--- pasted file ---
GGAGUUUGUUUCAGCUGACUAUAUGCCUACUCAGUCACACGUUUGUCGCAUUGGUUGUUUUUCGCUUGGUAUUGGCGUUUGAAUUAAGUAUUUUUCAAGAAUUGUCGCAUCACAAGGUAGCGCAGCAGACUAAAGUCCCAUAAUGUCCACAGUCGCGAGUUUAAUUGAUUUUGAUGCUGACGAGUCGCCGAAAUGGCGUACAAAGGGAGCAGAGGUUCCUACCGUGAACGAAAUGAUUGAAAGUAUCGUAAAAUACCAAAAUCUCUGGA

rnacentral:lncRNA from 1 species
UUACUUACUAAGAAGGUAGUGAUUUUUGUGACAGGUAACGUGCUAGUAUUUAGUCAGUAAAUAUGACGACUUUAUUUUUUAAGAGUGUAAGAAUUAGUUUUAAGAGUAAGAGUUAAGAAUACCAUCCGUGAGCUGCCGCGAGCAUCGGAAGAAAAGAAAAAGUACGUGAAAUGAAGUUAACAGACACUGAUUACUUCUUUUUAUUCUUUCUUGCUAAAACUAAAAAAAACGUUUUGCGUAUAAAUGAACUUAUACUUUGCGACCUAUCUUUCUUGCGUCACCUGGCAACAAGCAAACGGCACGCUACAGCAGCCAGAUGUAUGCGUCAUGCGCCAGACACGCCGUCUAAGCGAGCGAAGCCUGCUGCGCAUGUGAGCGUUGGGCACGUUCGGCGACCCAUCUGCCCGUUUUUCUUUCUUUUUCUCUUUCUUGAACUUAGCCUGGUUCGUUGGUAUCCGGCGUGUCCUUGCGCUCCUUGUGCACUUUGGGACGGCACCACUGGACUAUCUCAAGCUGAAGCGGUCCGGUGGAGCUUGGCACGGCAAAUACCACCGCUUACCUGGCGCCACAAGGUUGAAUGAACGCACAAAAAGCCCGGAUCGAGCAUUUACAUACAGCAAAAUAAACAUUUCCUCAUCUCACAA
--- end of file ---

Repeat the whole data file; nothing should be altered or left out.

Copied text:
GGAGUUUGUUUCAGCUGACUAUAUGCCUACUCAGUCACACGUUUGUCGCAUUGGUUGUUUUUCGCUUGGUAUUGGCGUUUGAAUUAAGUAUUUUUCAAGAAUUGUCGCAUCACAAGGUAGCGCAGCAGACUAAAGUCCCAUAAUGUCCACAGUCGCGAGUUUAAUUGAUUUUGAUGCUGACGAGUCGCCGAAAUGGCGUACAAAGGGAGCAGAGGUUCCUACCGUGAACGAAAUGAUUGAAAGUAUCGUAAAAUACCAAAAUCUCUGGA

rnacentral:lncRNA from 1 species
UUACUUACUAAGAAGGUAGUGAUUUUUGUGACAGGUAACGUGCUAGUAUUUAGUCAGUAAAUAUGACGACUUUAUUUUUUAAGAGUGUAAGAAUUAGUUUUAAGAGUAAGAGUUAAGAAUACCAUCCGUGAGCUGCCGCGAGCAUCGGAAGAAAAGAAAAAGUACGUGAAAUGAAGUUAACAGACACUGAUUACUUCUUUUUAUUCUUUCUUGCUAAAACUAAAAAAAACGUUUUGCGUAUAAAUGAACUUAUACUUUGCGACCUAUCUUUCUUGCGUCACCUGGCAACAAGCAAACGGCACGCUACAGCAGCCAGAUGUAUGCGUCAUGCGCCAGACACGCCGUCUAAGCGAGCGAAGCCUGCUGCGCAUGUGAGCGUUGGGCACGUUCGGCGACCCAUCUGCCCGUUUUUCUUUCUUUUUCUCUUUCUUGAACUUAGCCUGGUUCGUUGGUAUCCGGCGUGUCCUUGCGCUCCUUGUGCACUUUGGGACGGCACCACUGGACUAUCUCAAGCUGAAGCGGUCCGGUGGAGCUUGGCACGGCAAAUACCACCGCUUACCUGGCGCCACAAGGUUGAAUGAACGCACAAAAAGCCCGGAUCGAGCAUUUACAUACAGCAAAAUAAACAUUUCCUCAUCUCACAA